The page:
Dont call me for a quote or demo…just gimme instant downloadable trials!
I don’t post much here on ITBabble and Patrick rightfully makes fun of my anemic post count. So, what better way than to jump in again with a rant.
When evaluating tools, Patrick and I often at the complexity of getting started. Is there a complicated or confusing sign up process? Is there something you have to download? Do they make it easy? Is there a sensible and easy to understand pricing structure? All these are important considerations.
Today I wanted to evaluated Matlabs from Mathworks for possible use in our school’s robotics program. I wanted to download a trial, plug in my NXT Brick (the robot’s main device) and start playing around with it. I knew I would have to spend some time going through the manuals and tutorials but was ready to get started.
What I ran into was analogous to a brick wall. A wall of highly convoluted pricing and licensing structures that left a bad taste in my mouth. All I wanted to do was test it out…but according to the message I got, some dude is going to call me up and “qualify me further”. I already felt bad for not posting enough on our blog, now this guy is going to evaluate me and pass judgment on me…am I “qualified” or not.
I’m sure Tony, who is an IT Director, prefers simple and straightforward licensing structures. He has to deal with not only budgets but then ensuring that the campus is compliant. I know I would.
So complex and convoluted licensing schemes may serve to protect the company from piracy. Alas, a quick search on a torrent site uncovers their entire library of tools. So, uhm, that didn’t work.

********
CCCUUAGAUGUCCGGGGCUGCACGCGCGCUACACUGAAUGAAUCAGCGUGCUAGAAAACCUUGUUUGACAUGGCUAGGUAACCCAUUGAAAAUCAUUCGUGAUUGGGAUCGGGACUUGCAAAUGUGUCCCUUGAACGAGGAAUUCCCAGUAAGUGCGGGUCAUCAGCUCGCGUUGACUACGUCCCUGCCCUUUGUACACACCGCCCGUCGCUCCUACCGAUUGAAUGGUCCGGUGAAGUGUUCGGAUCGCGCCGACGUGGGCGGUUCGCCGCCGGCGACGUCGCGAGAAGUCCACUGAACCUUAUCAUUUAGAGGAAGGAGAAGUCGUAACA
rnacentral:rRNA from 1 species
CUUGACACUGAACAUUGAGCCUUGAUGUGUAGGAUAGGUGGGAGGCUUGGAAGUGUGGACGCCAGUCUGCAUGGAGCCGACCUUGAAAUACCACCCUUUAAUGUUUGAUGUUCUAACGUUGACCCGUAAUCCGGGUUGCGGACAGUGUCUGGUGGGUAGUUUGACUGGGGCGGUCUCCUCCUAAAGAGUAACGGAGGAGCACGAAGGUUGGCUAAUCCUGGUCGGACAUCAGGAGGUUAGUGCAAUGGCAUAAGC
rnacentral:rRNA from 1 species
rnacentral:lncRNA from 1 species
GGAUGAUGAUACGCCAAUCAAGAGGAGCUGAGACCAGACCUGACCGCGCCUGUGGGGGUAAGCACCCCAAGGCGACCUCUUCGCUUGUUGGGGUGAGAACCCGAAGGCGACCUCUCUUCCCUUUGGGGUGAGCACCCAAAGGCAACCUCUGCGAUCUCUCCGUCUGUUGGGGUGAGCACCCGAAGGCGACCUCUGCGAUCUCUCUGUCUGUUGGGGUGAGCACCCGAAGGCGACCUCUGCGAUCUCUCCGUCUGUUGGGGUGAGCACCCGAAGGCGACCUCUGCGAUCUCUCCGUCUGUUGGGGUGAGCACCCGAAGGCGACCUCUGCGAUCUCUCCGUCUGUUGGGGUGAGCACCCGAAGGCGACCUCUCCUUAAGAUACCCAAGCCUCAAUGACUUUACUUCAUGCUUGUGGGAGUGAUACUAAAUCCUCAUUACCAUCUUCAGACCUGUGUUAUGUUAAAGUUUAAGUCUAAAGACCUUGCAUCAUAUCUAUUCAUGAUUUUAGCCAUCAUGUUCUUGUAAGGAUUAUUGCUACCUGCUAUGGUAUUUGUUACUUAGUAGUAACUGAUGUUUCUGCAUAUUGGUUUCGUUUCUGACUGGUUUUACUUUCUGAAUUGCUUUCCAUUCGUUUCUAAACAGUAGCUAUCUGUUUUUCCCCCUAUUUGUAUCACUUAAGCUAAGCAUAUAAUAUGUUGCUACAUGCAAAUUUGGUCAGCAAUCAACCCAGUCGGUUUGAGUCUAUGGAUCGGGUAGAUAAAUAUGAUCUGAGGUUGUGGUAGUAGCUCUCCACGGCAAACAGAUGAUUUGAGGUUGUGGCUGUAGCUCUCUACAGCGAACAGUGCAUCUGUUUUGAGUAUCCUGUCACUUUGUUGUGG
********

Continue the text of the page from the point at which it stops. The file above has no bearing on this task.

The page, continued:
Ok, so they do this to eek out as much money as they can from each campus. Fine. They are a business. But I am a teacher (or a student) looking to evaluate a product – I am not a decision maker. I need to be able to access a trial as easily as possible; play around with the software/system; evaluate it; then push it to the IT Director to include it in the next budget.
In my case, I’m looking to get their Matlabs software to allow students to connect to their Lego NXT brick and program it. I would have 12-20 students using the software. There are alternatives for sure and some that are free. The makers of Matlabs may have created these structures to deal with engineering schools, tech institutes, and or whole districts.
In closing, if they are selling their software to massive institutions, they could just as easily provide a simple trial download for the small-fry cases like myself – why spend time and resources “qualifying” me. Just gimme the freaking download so I can test it already.
PS – It has been 24 hrs since I wrote this post. Maybe I didn’t even pass their initial small-fry filter. Dang it! In today’s immediate access and instant gratification world, I am having to wait more than a few seconds. I don’t know if I can handle it 🙂
Oh and here is an image of their licensing options that I couldn’t make small enough to fit on a single page.
3 thoughts on “Please Don’t Call Me!”
I feel your pain.I constantly get request to look at solutions without any demo credentials. My upcoming post is going to explain a new way to evaluate online based solutions.I’m basing it on the strategies non educational companies are using to select cloud hosted applications
. It’s time for vendor smack down.
IMO “Don’t call me definitely ” would have been a better title but to each his own 🙂